This week NICE (National Institute for Health and Care Excellence) released guidance about improving palliative care by supporting the whole family during a child’s end of life. Shooting Star Chase champion this family-centred approach to caring for children with life-limiting conditions and Director of Care, Helen Sibley, has responded to the guidance by saying:

“Shooting Star Chase wholeheartedly support NICE’s guidance highlighting the importance of caring for the entire family during a child’s death. At Shooting Star Chase we pride ourselves on our family-focused approach and whether it’s at our hospices or in the community. We believe as well as providing first-class care for a child with a life-limiting condition who has come to the end of their life, it’s imperative parents, siblings and extended family are given support at a time so difficult, most of us find it hard to imagine. We offer families a range of care during end of life and throughout bereavement so they receive comfort, are supported through grief, and can remember their loved one in the best way possible.

“In line with NICE’s recent recommendations, Shooting Star Chase’s end-of-life support includes Hospice at Home so families get the help and advice they need if they wish to remain at home; supported children and siblings access art, play and music therapies tailored to their specific needs and understanding; and our palliative care team prepare an end-of-life care plan in close consultation with the family, which is regularly reviewed and updated with any changes the family wish to make. The charity is also conducting its own research into accurately identifying when a child with a life-limiting condition is likely to die to give families more time to prepare.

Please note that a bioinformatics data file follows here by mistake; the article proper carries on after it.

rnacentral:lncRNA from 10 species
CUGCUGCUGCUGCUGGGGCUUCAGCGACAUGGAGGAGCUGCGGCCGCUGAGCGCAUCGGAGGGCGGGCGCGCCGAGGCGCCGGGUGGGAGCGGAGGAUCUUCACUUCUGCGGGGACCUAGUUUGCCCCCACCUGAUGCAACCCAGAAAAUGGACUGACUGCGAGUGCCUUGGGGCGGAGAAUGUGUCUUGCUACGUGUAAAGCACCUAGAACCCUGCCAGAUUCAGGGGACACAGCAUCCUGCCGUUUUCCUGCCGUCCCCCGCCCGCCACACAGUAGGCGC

“But caring for the whole family at the end of a child’s life is not just about practical and emotional support. Shooting Star Chase also provides opportunities for families to create special memories. At Christmas, for example, the charity arranges Christmas parties for all ages and abilities, wheelchair-accessible ice-skating and presents for supported children and siblings to give families a Christmas to remember – as for some, this will be their last one together.”